[Ryan] Cooley grew up in Detroit but left to become a Chicago banker. Four years ago, though, he decided to come home and take a chance on Detroit real estate, and he bought three modest brick buildings in the Corktown neighborhood. Cooley, 33, said it cost only a couple hundred thousand dollars for all three buildings. Something similar in Chicago would have been four times as much.He is so bullish on the city that he set up a real estate business in one of the buildings. In another he helped open a popular new restaurant. Slows Bar-B-Q has become the anchor of this mini-one block urban renewal.
The text of the article isn't a transcript of the entire NPR story. Do give it a listen and learn about the boomerang ethos that inspired my blog. This is what is going on in Youngstown, right now.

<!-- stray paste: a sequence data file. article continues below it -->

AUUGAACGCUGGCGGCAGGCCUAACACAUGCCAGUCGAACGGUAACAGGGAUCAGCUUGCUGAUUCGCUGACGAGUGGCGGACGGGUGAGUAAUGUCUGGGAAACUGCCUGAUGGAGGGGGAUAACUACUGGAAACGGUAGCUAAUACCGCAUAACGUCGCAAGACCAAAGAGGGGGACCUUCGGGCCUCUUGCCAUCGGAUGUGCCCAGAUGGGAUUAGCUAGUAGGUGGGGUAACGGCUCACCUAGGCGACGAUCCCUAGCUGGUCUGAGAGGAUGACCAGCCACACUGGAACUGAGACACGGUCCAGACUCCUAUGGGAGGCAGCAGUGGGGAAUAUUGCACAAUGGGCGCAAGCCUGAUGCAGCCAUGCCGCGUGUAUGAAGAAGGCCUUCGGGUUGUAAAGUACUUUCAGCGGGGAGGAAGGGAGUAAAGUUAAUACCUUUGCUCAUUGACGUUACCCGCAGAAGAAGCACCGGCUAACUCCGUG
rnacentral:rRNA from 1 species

Cooley's piece of the Detroit Renaissance looks like about the size of the Youngstown Renaissance. My concern is that Detroit is too vast and the creative energy too diffuse. The pockets of renewal might continue to thrive, but get lost in the economic turmoil of the entire city. In that regard, Youngstown is more manageable and the core vitality is the right geography to deal with the current whims of globalization.